Last Updated on January 24, 2019
In December 2015, Bank of Canada governor Stephen Poloz gave a talk at the Empire Club of Canada in which he discussed four unconventional monetary policies which would help stimulate the Canadian economy.
The most striking of these policies was to lower the central bank interest rate below zero. The idea behind negative interest rates is being increasingly discussed around the world, although it is yet to become prominent in mainstream media. In Canada, growth forecasts for 2016 continue to be revised downward, despite the Bank of Canada’s optimistic prediction.
Negative interest rates are a relatively new economic policy tools. Central banks in countries such as Switzerland, Japan and Denmark have already implemented them.
Negative interest rates are unfortunately a continued sign of Canada’s inability to stimulate domestic economies in the absence of fiscal policy.
To better understand the importance of negative rates, two important issues must be considered. First, monetary policy has in a way exhausted its ability to stimulate the economy because of what economists call the “zero lower bound.”
In normal times, interest rates cannot be forced below zero. However, these are not normal times: the Canadian economy is going through its worst performance since the Great Depression. After having fallen back into recession in the first part of 2015, prospects for 2016 and 2017 are bleak with another possible recession in the near horizon.
At such low rates monetary policy becomes largely ineffective because the central bank is running out of room to lower rates. This brings us to the second point: central banks, and especially the Bank of Canada, believe that a negative rate of interest would bring the economy back to full employment. Economists call this the natural rate.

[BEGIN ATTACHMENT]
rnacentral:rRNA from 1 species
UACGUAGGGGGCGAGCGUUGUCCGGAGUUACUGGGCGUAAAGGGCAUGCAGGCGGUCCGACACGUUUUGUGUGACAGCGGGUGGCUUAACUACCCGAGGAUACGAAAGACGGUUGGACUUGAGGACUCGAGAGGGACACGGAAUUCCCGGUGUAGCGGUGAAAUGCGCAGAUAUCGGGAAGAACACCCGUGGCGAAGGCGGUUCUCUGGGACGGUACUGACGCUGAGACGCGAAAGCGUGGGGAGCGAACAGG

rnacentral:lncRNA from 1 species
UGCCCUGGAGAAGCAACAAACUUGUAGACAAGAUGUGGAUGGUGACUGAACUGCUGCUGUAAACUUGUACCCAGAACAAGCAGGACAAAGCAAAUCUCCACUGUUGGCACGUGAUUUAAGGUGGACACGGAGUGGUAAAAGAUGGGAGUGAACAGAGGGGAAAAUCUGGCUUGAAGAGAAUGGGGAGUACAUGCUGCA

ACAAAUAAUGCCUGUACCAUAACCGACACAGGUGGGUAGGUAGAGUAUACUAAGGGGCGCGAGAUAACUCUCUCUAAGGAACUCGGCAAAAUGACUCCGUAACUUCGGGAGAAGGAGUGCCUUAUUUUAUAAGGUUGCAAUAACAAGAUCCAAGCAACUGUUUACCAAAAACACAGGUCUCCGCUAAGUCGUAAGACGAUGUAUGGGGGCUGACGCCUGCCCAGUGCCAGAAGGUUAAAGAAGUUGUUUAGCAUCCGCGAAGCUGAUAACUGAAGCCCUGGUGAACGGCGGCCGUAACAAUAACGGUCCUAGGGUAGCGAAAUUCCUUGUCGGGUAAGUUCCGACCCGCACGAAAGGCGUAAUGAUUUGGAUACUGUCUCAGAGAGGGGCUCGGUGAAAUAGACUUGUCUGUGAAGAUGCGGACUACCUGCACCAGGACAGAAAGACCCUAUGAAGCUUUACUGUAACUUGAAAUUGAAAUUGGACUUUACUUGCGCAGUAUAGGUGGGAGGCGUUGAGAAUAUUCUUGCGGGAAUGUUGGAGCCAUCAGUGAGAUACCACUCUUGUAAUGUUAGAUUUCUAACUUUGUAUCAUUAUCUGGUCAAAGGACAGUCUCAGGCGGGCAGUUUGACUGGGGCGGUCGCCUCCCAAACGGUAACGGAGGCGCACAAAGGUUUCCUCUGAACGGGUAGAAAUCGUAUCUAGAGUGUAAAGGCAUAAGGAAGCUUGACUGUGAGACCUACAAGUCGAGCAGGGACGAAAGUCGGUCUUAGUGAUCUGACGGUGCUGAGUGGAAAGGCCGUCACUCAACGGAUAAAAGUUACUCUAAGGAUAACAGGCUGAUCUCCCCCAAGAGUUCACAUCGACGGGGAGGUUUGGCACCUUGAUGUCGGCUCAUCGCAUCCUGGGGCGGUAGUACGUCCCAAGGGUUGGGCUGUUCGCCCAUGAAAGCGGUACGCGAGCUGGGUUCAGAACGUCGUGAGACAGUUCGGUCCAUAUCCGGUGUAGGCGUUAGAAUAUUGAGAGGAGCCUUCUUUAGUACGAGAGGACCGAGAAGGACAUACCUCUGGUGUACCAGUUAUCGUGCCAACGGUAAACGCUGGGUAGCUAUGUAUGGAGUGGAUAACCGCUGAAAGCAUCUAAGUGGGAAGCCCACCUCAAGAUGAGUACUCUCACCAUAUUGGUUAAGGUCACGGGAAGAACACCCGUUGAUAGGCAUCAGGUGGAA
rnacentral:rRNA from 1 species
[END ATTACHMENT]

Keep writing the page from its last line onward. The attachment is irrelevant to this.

Some say the Bank of Canada will set its rate at minus one per cent in 2016.
Mr. Poloz has said “the effective lower bound for Canada’s policy rate is around minus 0.5 per cent, but it could be a little higher or lower.”
How do negative rates work? The Bank of Canada offers interest on the deposits of the commercial banks at the central bank, just like commercial banks offer us interest on our deposits with them. With negative rates, commercial banks would now have to pay the central bank to hold deposits with them. By charging interest on bank deposits, the central bank hopes banks will want to avoid paying interest and instead start lending out their excess funds again, therefore helping the economy get back to full employment.
However negative interest rates may not capture the reality that banks do not lend because they are unwilling to lend in such uncertain economic times. Banks lend in the hope of getting reimbursed with interest. But if banks are pessimistic about the ability of the private sector to honour debt loads, there will be a continuing reluctance to incur lending risk.
Negative interest rates may likewise not help consumers because as the record reflects in the last two rate decreases, banks have been unwilling to pass through the full effect of rate decreases. It is plausible that by lowering rates to zero or below, banks will pass only a small portion of this saving to borrowers.
What the Canadian economy needs is a combination of a measured rate decrease combined with sizeable fiscal stimulus from Ottawa.
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